Figure 4
figure 4

Dynamic water adhesion force changes for the manipulation of droplet motions on the PDMS substrate with micro-pillar arrays.

(a) The force-distance curves for the PDMS substrate contacted with a water droplet. (b) Relationship between Fadh and εdist on the PDMS substrate. Fadh is decreased as εdist is increased. (c) Schematic illustration of the forces on the surface of a dimple structure that affect water droplet motions (left) and time-sequential photographic images of a moving water droplet on the PDMS substrate via the tunable dimple structure (right). Scale bar, 3 mm.

Figure 4c is a schematic illustration of the forces on the surface of the dimple structure affecting the water droplet motions (left) and time-sequential photographic images of a blue-dyed, 10 μl moving water droplet on the PDMS micro-pillar arrays being moved via the controllable dimple structure (right). When the dimple structure was formed, the water droplet could be put into the structure and it seemed that the water droplet was spread along the dimple structure. Thus, the overall contact area of the water droplet with dimple structure was increased and the corresponding adhesion force between the water droplet and the surface was also increased. However, at the border of the dimple structure, the water droplet can be easily detached from the substrate due to the decreased local Fadh and generated sloped wall-induced gravitational force (Fg = mgsin θslope). Here, m is the mass of the water droplet and g is the gravitational acceleration constant. When Fg became larger than the local Fadh at the boundary of dimple, the droplet detachment from the substrate continuously occurred during the horizontal moving of the dimple structure. Consequently, the water droplet could be moved along with the moving dimple structure (Supplementary Fig. 5). We observed that the controllable droplet volume could be determined by the diameter of vacuum tip (Supplementary Fig. 6). A larger vacuum tip could manipulate smaller water droplet, which can be attributed to the smaller Fadh and larger θslope of the generated dimple structure. When the volume of water droplets were larger than the minimum volume, the motions of the water droplets could be successfully manipulated even when the diameter of a water droplet was larger than the tip size due to the surface tension of the water droplet.

Operation of the superhydrophobic, droplet-based microfluidic device

In situ manipulation of droplet motions including moving, merging and mixing was demonstrated on the superhydrophobic, droplet-based microfluidic platform. Since the motions of water droplets on the platform are controlled by the vacuum-induced dimple structure, the moving path can be freely designed without additional patterning process (Fig. 5a). These individually controllable droplet movements can be used for merging and mixing operations of droplet (Fig. 5b and Supplementary Movie 1). The capture and release of water droplets during the operations could be controlled by adjusting the applied pressure of the vacuum tip. When transported droplets were brought into proximity, they merged and mixed slightly as forming one large droplet. The complete mixing of the water droplet could be achieved by moving the water droplet back and forth on the superhydrophobic PDMS micro-pillar arrays. The mixing process could be attributed to the rolling effect on the dimple structure, which may generate internal hydrodynamic flows in the moving water droplets. As previously mentioned, the water droplet manipulation could be achieved by the slope angle and variations in Fadh of the dimple structure; therefore, a water droplet on the moving dimple structure could be continuously rolled along the slope wall of the dimple structure, following the trace of the dimple structure. Our method for the manipulation of droplet motions takes advantage of the fact that the pathway of the water droplet motion is freely designed and additional additives are not required to be added into the water droplets during the operations.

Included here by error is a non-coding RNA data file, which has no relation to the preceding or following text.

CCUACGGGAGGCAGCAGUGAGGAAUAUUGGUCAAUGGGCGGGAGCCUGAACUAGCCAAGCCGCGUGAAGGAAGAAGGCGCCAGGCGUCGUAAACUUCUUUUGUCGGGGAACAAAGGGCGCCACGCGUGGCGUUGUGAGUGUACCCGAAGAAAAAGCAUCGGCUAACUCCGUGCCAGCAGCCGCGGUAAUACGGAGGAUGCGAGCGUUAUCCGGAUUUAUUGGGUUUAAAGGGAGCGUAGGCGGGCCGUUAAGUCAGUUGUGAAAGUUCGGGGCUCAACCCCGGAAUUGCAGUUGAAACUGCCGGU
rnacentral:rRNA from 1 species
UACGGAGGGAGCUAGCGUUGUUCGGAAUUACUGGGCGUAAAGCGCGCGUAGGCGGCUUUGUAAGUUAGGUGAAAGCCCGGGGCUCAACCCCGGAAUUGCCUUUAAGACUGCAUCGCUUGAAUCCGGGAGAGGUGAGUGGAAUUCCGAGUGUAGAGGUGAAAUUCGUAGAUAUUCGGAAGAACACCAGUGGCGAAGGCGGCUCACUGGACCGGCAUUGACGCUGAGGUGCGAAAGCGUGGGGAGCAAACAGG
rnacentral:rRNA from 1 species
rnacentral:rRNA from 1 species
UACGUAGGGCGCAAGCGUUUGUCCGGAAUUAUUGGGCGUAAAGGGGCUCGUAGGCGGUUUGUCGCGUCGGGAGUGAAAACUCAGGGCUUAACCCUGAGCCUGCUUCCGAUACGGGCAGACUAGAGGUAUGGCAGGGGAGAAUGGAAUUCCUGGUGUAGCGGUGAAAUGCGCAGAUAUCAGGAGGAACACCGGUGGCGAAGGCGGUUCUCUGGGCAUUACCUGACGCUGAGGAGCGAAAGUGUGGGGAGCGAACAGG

Figure 5
figure 5

In situ manipulation of water droplet motions on the PDMS micro-pillar arrays for droplet-based microfluidic operations.

(a) A 10 μl moving water droplet follows the trace of a character “N” shape. Scale bar, 5 mm. (b) Droplet operations including transportation, merging and mixing on the superhydrophobic PDMS substrate. Scale bar, 5 mm. (c) Scheme of the SERS measurement system (top) and typical in situ/ex situ SERS analysis spectra with different concentrations of analyte (R6G), obtained from a droplet mixture of R6G/Ag NP and evaporated R6G/Ag NP droplet, respectively (bottom). (d) Scheme of the siRNA-lipidoid complex formation for in vitro transfection. (e) Fluorescent images (top) and flow cytometry analyses of GFP-HeLa cells two days after transfection (bottom). Scale bar, 200 μm (n = 3, **p < 0.01, compared to the conventional group).